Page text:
Prevent ransomware attacks on critical infrastructure

Cybersecurity Awareness Month 2022 series

Cyber ​​attacks on critical infrastructure can cause massive societal disruption and take a huge financial toll. These high stakes make industrial IT and OT (operational technologies) in particular attractive targets for ransomware. Applying strong cyber defenses to six critical OT domains can help prevent ransomware and other threats to power grids, pipelines, and similar critical operations.

Ransomware attacks on industrial targets continue to grow, accounting for more than half of all malware on industrial endpoints. They are also sophisticated and capable of exploiting long-unpatched vulnerabilities and, less commonly, zero-day vulnerabilities. Often the work is shared: one cybercriminal (or group) discovers vulnerabilities, another sells vulnerability lists, others sell tools to exploit different types of vulnerabilities, while another actor handles payment processing. Some ransomware attacks are now even escalating to double and triple racketeering.

These developments coincide with the evolution of industrial networks from largely self-contained “walled gardens” built on proprietary, vendor-specific communication protocols to IP-based systems that increasingly leverage the corporate IP network shared by other applications. Remote monitoring, configuration, and analysis are commonplace, and automation systems and field workers are beginning to leverage cloud and edge computing. These new connections, combined with generally more connected IT and OT systems, further expand the industrial attack surface.

How to prevent ransomware attacks in the six domains

There are six key operational areas where ICS security can help prevent ransomware and other cyber threats: OT and IT Perimeter, OT Resources, OT Network, IIoT, Offline Operations, and Security Operations Centers/Computer Security Incident Response Teams (SOCs/CSIRTs). ). In each case, there are specific vulnerabilities to consider—and concrete steps that can be taken to fix them.

1. OT and IT Perimeter — With OT and IT more interconnected than ever, vulnerabilities in one pose risks for the other. This is exacerbated in many industrial environments by the fact that different parts of the organization are responsible for different aspects of the OT and IT systems are: corporate IT, site-specific IT departments, production engineering teams and more. This distributed responsibility means that no single entity sees the entire network. To remedy this, critical infrastructure operators must establish defensive boundaries between the corporate network and industrial sites and/or between office and field service areas.

2. OT Fortune — The combined IT and OT environment is a “system of systems” with components that have very different lifecycles – from PCs that last an average of five years to industrial plants that are in operation for 20 years or more. This mix of new and legacy technologies means that some assets can be protected by current methods and others may not support security software or be patchable at all. Therefore, a unified approach to security is required, with case-by-case policies based on the different risks faced by specific tasks, systems, and operations.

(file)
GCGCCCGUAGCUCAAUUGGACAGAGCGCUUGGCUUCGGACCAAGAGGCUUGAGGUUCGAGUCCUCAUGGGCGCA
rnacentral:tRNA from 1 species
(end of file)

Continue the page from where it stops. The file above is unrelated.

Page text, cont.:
3. OT Network — The new connectivity types and technologies entering the industrial environment – ​​cellular and RF, cloud and edge computing – require modern security approaches such as Secure Access Service Edge (SASE). Concretely, this means that you focus not only on stopping attacks, but also on identifying and containing those that infiltrate the network, with end-to-end network visibility and knowledge of the industrial processes to which they are connected. One particular area of ​​vulnerabilities identified by Trend Micro research has to do with protocol gateways, which facilitate the exchange of information between devices and systems. These are commonly used to connect OT and IT systems and, if compromised, can bring industrial processes to a standstill. As such, network security approaches must also be adapted to accommodate these and other industrial protocols used in field networks.

4. Industrial Internet of Things — IIoT deployments are increasingly dependent on private 5G networks, which have four possible routes of penetration and three points where signals can be intercepted in the core network. The core network, in turn, can be used as a springboard to attack a production facility as a whole. All technologies associated with IIoT, including 5G connectivity, industrial clouds and IoT sensors, need to be integrated into the security approach.

5. Offline Operation — Although not all facets of industrial operations are networked, offline technologies that are connected to the network, such as B. Removable media and maintenance terminals, can also be weak points. These must also be taken into account in any overall concept in order to prevent ransomware and secure the industrial environment.

6. SOCs/CSIRTs — SOCs and CSIRTs are part of the corporate IT team that oversees the network, including the corporate-to-site boundary. What they need is an effective, unified platform that provides end-to-end visibility across the entire OT/IT environment to identify, respond, and contain threats.

Take the right action

The US Cybersecurity and Infrastructure Security Agency (CISA) has published guidance on how to prevent ransomware attacks in ICS environments, outlining a four-step process: prepare, detect and analyze, contain and remediate, and recover. These can be further reduced to two overarching principles: reducing infection risks and minimizing post-incident impacts. Covering this area requires a unified security platform with full visibility across the industrial environment.

The CISA approach to anti-ransomware ICS

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